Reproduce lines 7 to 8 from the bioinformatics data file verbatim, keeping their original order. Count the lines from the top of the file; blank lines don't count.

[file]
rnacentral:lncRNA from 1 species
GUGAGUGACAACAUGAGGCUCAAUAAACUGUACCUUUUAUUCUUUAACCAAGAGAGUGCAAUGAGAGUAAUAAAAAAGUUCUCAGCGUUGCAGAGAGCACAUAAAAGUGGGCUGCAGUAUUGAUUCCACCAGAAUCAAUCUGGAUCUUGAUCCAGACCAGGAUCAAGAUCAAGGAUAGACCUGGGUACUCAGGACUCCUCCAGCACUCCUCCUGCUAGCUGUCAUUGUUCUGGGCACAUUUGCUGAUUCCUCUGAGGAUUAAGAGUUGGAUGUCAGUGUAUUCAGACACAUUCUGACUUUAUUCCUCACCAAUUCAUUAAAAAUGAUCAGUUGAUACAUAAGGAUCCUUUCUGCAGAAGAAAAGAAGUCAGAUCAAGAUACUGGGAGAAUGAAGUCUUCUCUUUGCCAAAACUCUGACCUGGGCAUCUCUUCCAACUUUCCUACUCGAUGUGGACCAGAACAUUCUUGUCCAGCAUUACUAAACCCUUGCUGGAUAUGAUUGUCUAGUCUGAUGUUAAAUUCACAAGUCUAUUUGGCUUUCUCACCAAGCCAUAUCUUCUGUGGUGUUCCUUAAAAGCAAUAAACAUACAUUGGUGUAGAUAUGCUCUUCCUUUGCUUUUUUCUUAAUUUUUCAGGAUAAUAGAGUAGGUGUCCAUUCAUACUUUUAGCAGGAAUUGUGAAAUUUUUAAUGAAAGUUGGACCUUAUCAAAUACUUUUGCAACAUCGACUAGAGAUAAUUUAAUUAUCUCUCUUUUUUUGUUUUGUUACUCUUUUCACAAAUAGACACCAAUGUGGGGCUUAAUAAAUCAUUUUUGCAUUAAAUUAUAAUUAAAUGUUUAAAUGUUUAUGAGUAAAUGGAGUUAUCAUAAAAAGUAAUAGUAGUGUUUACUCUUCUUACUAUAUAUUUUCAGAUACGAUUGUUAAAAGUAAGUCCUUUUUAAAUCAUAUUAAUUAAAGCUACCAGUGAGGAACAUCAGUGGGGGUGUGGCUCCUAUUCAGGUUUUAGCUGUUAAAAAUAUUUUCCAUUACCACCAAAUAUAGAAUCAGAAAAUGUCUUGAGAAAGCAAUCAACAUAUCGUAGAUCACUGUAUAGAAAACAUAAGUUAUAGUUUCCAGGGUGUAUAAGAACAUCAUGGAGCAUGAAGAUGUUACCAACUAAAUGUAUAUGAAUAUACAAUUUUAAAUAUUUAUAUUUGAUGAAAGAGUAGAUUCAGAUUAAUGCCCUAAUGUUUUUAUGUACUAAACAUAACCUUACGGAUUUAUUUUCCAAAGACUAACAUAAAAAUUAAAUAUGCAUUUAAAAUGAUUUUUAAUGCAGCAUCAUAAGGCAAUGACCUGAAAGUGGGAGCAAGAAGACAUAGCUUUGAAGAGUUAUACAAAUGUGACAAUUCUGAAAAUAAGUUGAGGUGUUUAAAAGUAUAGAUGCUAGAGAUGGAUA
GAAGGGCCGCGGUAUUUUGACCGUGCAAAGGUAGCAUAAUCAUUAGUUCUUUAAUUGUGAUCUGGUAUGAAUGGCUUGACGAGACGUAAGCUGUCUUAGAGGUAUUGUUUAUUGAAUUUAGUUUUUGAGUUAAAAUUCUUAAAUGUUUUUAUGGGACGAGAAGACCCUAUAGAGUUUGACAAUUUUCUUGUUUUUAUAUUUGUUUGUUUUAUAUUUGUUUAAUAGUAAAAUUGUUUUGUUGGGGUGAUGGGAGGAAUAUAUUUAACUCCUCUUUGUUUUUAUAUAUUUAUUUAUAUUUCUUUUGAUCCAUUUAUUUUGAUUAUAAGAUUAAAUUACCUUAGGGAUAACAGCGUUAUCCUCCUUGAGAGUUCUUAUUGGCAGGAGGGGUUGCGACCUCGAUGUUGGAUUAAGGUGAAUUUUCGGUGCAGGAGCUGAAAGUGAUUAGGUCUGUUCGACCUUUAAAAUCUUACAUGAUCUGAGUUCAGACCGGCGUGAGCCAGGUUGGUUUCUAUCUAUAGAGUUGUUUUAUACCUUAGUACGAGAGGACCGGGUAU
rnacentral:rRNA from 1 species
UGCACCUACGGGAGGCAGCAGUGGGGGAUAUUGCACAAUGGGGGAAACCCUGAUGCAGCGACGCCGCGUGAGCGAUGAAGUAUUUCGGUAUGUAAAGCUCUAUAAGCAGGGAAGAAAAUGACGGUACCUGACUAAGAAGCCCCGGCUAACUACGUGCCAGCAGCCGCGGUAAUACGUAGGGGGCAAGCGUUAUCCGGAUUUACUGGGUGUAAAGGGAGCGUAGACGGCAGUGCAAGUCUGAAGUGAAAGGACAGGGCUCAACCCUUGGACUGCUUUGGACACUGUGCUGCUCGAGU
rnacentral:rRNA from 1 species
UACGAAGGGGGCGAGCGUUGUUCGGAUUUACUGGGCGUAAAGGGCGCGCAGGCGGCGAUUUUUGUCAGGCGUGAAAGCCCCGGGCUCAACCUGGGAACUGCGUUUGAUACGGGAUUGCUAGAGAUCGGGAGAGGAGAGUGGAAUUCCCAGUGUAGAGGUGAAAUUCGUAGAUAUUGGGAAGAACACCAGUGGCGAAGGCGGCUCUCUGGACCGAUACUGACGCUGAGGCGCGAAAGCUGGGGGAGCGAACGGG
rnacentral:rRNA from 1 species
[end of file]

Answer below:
UACGAAGGGGGCGAGCGUUGUUCGGAUUUACUGGGCGUAAAGGGCGCGCAGGCGGCGAUUUUUGUCAGGCGUGAAAGCCCCGGGCUCAACCUGGGAACUGCGUUUGAUACGGGAUUGCUAGAGAUCGGGAGAGGAGAGUGGAAUUCCCAGUGUAGAGGUGAAAUUCGUAGAUAUUGGGAAGAACACCAGUGGCGAAGGCGGCUCUCUGGACCGAUACUGACGCUGAGGCGCGAAAGCUGGGGGAGCGAACGGG
rnacentral:rRNA from 1 species